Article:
"The issues need to be resolved in Jerusalem and Ramallah and it seems unrealistic that they would be solved in Paris or anywhere else. Our position is well-known, we are in favor of bilateral relations because we see expediency in this," Heifetz said.
An international ministerial conference on the Israel-Palestine conflict settlement kicked off in the French capital on Friday. The conference is set to address the issues of Palestinians, who seek diplomatic recognition for their independent state on the territories of the West Bank, including East Jerusalem, which have been partially occupied by Israel, and the Gaza Strip, as well as the Israeli stance.
The conference not including representatives of Israel and Palestine is convened at the initiative of the French authorities. According to French Foreign Ministry spokesman Romain Nadal, a total of 28 delegations have confirmed their participation in the upcoming conference on Thursday.
"I do not know, perhaps some documents after a meeting in Paris will be adopted, but how can be adopted without the participation of at least one of the parties on whose future they decide," the ambassador said.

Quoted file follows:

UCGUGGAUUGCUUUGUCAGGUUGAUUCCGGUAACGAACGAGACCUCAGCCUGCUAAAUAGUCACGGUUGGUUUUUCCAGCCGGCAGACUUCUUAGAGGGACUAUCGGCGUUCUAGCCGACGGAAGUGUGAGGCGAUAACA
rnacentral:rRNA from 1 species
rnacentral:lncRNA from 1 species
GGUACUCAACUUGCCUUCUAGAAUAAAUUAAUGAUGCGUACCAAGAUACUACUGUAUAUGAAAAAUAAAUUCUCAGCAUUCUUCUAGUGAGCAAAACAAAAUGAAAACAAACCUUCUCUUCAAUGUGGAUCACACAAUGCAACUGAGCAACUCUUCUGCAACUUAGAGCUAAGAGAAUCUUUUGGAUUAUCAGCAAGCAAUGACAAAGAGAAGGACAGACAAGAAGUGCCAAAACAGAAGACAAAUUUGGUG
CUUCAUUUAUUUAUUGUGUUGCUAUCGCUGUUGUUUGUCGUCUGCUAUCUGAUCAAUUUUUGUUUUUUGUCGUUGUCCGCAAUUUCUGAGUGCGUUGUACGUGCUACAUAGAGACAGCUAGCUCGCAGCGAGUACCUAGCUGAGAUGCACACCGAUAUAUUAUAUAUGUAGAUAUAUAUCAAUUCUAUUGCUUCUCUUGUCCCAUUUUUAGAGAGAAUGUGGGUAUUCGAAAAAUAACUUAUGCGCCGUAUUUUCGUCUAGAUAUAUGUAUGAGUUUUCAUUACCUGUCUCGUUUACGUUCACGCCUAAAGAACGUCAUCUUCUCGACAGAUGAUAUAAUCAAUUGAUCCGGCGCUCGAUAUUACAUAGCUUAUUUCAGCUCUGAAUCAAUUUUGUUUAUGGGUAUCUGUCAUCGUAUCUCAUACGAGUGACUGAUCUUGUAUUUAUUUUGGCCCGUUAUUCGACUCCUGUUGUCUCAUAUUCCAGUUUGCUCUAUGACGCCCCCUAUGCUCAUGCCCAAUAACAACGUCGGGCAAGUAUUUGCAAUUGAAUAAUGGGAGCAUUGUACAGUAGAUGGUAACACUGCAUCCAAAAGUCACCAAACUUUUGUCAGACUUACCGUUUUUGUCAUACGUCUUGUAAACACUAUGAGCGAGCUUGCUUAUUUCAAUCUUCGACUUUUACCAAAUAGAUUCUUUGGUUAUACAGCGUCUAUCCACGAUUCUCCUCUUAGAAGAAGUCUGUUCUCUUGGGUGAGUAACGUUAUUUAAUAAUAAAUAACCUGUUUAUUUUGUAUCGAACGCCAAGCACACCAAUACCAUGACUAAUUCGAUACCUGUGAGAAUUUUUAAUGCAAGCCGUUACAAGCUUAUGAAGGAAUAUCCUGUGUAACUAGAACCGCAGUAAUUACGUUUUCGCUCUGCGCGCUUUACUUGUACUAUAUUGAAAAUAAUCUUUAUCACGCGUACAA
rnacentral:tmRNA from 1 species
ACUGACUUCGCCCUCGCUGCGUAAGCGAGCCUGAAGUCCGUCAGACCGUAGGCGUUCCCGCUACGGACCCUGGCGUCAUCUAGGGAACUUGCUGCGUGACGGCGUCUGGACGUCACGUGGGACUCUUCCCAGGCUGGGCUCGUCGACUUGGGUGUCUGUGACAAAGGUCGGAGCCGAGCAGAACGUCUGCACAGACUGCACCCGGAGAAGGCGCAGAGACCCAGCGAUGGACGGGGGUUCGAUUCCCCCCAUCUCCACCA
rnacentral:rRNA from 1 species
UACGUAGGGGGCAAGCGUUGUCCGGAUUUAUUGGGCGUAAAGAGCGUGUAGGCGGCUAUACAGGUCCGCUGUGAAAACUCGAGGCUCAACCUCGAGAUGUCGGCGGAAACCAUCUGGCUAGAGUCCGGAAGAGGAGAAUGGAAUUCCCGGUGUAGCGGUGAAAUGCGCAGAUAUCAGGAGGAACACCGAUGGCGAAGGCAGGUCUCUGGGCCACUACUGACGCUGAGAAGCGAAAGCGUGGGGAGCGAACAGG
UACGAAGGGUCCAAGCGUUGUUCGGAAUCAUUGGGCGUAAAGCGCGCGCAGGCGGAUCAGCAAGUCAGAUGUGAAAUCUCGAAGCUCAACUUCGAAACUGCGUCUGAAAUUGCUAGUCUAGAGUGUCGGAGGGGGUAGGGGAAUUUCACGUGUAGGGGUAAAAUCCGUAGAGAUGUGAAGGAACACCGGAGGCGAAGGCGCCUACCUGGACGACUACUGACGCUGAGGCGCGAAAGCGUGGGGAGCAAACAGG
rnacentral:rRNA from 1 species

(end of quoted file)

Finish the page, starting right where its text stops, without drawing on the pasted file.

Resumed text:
The meeting, intended to re-launch the Israeli-Palestinian peace process, is chaired by Minister of Foreign Affairs and International Development Jean-Marc Ayrault and inaugurated by President Francois Hollande.
The conference's participants will assess the situation that involves possible risks for the two states' concept. They also plan to discuss the means to implement this concept and the possibility of rapprochement between the Palestinians and the Israelis in order to hold another international conference at the end of 2016.
On Wednesday, Heifetz said that Israel was ready to sign the peace treaty with its neighboring countries, including Palestine and Saudi Arabia.